Time-resolved flavin fluorescence anisotropy studies on glutathione reductase (GR) have revealed a remarkable new phenomenon: wild-type GR displays a rapid process of fluorescence depolarization, that is absent in mutant enzymes lacking a nearby tyrosine residue that blocks the NADPH-binding cleft. Fluorescence lifetime data, however, have shown a more rigid active-site structure for wild-type GR than for the tyrosine mutants. These results suggest that the rapid depolarization in wild-type GR originates from an interaction with the flavin-shielding tyrosine, and not from restricted reorientational motion of the flavin. A novel mechanism of fluorescence depolarization is proposed that involves a transient charge-transfer complex between the tyrosine and the light-excited flavin, with a concomitant change in the direction of the emission dipole moment of the flavin. This interaction is likely to result from side-chain relaxation of the tyrosine in the minor fraction of enzyme molecules in which this residue is in an unsuitable position for immediate fluorescence quenching at the moment of excitation. Support for this mechanism is provided by binding studies with NADP+ and 2'P-5'ADP-ribose that can intercalate between the flavin and tyrosine and/or block the latter. Fluorescence depolarization analyses as a function of temperature and viscosity confirm the dynamic nature of the process. A comparison with fluorescence depolarization effects in a related flavoenzyme indicates that this mechanism of flavin fluorescence depolarization is more generally applicable.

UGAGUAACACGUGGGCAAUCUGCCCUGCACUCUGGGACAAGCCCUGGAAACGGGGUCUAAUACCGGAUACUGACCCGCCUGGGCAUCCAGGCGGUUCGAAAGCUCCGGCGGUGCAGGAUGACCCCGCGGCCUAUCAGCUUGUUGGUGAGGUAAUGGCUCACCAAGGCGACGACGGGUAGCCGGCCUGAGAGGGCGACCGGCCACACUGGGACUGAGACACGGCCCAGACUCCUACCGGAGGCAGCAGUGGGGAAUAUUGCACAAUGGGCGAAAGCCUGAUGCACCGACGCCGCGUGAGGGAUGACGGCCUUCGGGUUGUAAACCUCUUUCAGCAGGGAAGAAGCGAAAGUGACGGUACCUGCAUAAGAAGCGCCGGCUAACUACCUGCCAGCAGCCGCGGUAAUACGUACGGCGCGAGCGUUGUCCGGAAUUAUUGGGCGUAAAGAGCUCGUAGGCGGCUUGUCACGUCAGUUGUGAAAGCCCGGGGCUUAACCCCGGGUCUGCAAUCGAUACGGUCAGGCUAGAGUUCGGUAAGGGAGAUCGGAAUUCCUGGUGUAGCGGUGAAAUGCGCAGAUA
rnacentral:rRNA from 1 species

- lipoamide dehydrogenase
- nadh peroxidase
- polarized fluorescence
- angstrom resolution
van den Berg, P. A. W., van Hoek, A., & Visser, A. J. W. G. (2004). Evidence for a novel mechanism of time-resolved flavin fluorescence depolarization in glutathione reductase. Biophysical Journal, 87(4), 2577-2586. https://doi.org/10.1529/biophysj.104.040030